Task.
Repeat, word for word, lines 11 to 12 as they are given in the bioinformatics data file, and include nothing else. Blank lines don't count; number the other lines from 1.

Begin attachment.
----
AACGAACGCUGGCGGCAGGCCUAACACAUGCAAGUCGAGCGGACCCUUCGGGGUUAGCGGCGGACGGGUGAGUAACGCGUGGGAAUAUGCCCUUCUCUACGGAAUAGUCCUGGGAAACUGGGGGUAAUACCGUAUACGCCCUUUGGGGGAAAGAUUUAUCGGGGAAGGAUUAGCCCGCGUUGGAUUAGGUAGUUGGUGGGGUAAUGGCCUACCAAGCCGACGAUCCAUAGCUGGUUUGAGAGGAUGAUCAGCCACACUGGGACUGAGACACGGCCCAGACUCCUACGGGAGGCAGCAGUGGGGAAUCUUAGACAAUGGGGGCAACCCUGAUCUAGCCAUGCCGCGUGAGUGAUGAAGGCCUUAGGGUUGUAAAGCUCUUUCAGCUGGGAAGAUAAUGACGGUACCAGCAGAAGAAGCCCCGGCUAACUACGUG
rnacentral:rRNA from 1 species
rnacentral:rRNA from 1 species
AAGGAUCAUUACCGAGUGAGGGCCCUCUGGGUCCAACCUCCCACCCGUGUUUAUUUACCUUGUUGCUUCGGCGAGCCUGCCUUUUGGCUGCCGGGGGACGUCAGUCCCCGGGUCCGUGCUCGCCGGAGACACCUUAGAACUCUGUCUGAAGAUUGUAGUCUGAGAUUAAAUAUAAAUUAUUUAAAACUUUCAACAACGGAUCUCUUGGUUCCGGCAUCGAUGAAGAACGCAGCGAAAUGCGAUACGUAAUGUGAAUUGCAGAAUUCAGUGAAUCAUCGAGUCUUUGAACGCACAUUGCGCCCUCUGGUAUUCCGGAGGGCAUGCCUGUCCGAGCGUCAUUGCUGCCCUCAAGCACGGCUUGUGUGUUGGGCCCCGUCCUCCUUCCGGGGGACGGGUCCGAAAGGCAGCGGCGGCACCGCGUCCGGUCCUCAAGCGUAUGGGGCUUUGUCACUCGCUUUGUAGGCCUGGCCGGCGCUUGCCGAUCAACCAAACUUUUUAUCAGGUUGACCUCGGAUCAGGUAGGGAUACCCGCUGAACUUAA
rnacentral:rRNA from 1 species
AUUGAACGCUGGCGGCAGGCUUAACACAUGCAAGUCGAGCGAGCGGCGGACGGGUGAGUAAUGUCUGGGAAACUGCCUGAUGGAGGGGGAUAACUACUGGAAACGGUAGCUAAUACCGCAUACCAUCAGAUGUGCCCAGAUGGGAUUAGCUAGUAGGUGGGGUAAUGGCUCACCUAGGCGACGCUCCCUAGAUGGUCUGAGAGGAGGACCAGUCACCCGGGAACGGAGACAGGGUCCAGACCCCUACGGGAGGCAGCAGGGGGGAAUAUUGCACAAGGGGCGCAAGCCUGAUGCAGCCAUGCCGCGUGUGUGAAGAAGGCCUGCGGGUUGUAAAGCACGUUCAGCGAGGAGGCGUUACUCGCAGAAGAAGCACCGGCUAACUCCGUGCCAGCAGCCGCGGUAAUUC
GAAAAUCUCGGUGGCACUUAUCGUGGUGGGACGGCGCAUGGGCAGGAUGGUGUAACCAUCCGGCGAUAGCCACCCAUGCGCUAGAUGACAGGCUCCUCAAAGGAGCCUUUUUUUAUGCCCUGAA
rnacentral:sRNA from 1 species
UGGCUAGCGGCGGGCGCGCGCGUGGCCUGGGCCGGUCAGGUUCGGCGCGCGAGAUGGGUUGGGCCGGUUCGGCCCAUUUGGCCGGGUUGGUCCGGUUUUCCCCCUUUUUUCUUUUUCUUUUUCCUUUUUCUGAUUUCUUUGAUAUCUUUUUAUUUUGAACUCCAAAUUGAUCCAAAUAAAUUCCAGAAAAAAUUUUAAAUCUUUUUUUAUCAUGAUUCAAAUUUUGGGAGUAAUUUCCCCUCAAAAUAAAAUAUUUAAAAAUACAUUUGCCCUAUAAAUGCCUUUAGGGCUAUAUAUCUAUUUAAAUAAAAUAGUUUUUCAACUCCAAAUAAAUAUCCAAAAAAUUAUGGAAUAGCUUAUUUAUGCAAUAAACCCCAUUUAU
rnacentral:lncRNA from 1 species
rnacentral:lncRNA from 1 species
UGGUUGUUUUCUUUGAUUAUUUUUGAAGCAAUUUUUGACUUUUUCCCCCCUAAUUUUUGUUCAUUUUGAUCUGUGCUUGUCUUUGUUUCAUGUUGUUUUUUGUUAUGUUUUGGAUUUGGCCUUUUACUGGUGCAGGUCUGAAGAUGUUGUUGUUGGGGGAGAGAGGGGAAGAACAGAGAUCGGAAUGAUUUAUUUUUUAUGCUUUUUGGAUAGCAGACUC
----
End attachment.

rnacentral:lncRNA from 1 species
UGGUUGUUUUCUUUGAUUAUUUUUGAAGCAAUUUUUGACUUUUUCCCCCCUAAUUUUUGUUCAUUUUGAUCUGUGCUUGUCUUUGUUUCAUGUUGUUUUUUGUUAUGUUUUGGAUUUGGCCUUUUACUGGUGCAGGUCUGAAGAUGUUGUUGUUGGGGGAGAGAGGGGAAGAACAGAGAUCGGAAUGAUUUAUUUUUUAUGCUUUUUGGAUAGCAGACUC